Cold Night, Warm Stranger

Just This Once

Never Love a Cowboy

Rough Wrangler,
Tender Kisses

Once An Outlaw by Jill Gregory
(Dell, $6.50, PG) ISBN 0-440-23549-9
With Once an Outlaw, Jill Gregory tries to have her cake and eat it too. I’m not sure I quite understood that expression before, but now I have a better idea of why it’s not a good idea.

Emily Spoon and what’s left of her family have just moved to a remote ranch near Forlorn, Colorado. It’s a new beginning for everyone. Uncle Jake has just finished a six year jail term for robbing a stagecoach. While he was locked up, the other members of the Spoon Gang (Emily’s brother Pete and cousin Lester) were on the lam from the law. Left to struggle alone, Emily and Aunt Ida lost the family farm and were forced to go to toil as servants in a boarding house where Jake’s wife died of overwork and a broken heart.

According to Emily, all of these troubles can be laid at the door of hateful Sheriff Clint Barclay, who put her poor Uncle Jake behind bars.

Now, in Forlorn, they can finally live as a family once more, in a home that no one will ever take away from them ever again. And just in case the men can’t make a go of the ranch, Emily is going to start a dressmaking business that will support them all.

The very night Uncle Jake and the boys leave on an expedition to buy stock, Emily discovers the local lawman skulking around. He’d heard that the Spoons were living at the ranch and, having already rid the community of one outlaw gang, is not anxious to see another move into the neighborhood. She insists they’ve gone straight, but for some reason he’s skeptical.

Yes, it’s Sheriff Clint Barclay, the “worst kind of lawman” - a big meany who has the nerve to put criminals in jail.

Emily hates him. Clint doesn’t trust any of the Spoons as far as he can throw them. And they want each other, bad.

There’s a bunch of stuff that fills in the spaces in around all the hating and wanting. Emily is protecting a friend’s child while his mother flees her abusive ex-fiancé. Every single girl in town and her mother is trying to lure the reluctant Clint into marriage. Clearly some kind of crime is in the offing and nobody, not even Emily, really believes that the Spoon Gang won’t be in the thick of it. She does a lot of hand-wringing, because she just knows that spoilsport Clint will lock her menfolk up again “if they give him half a chance.” And yet, she wants him bad.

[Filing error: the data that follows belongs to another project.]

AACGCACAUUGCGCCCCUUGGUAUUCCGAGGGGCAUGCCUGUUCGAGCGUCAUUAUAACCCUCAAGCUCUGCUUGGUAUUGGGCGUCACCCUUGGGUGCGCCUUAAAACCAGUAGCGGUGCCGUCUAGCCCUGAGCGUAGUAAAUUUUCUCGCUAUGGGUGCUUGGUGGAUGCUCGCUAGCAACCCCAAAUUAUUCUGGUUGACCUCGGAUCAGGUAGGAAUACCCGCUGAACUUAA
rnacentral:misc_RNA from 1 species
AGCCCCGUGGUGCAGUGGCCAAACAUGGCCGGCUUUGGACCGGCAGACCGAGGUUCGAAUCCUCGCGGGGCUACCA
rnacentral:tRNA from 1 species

I could have liked Clint. Like most of the characters, he sounds like he’s reading a script from a “B” western movie, but at least he’s honest about his attraction to Emily and seems to understand that she might be a nice girl in spite of her family. Then he cold-bloodedly seduces her. He knows she’s innocent, he knows she’s reluctant, he knows he doesn’t want to make a commitment, but he knows he can persuade her to have sex with him, so he does. It was pretty heartless, and no matter what he did after that (and some of it was really nice), he never totally got me back.

The biggest problem, though, is that most of the cast is as dumb as a bag of rocks. In spite of their claims to want a quiet life, all of the Spoons - including Emily - have hair-trigger tempers and go off like a cheap rocket on the slightest provocation.

And Emily, although she knows beyond a shadow of a doubt that her male relatives are outlaws, blames Clint repeatedly for everything bad that happens to them. He ruined their lives - never mind that Uncle Jake was guilty as sin. She’s furious at him for fighting with her brother - after Pete attacks him. She’s pissed that he doesn’t seem to trust her family - of known criminals. Family loyalty is an admirable quality - relentless obtuseness is not.

Sorry, but you just can’t have it both ways. I couldn’t sympathize with Emily’s deception, because it was all self-inflicted. And would somebody please declare a moratorium on that tedious lust/hate thing?

--Judi McKee

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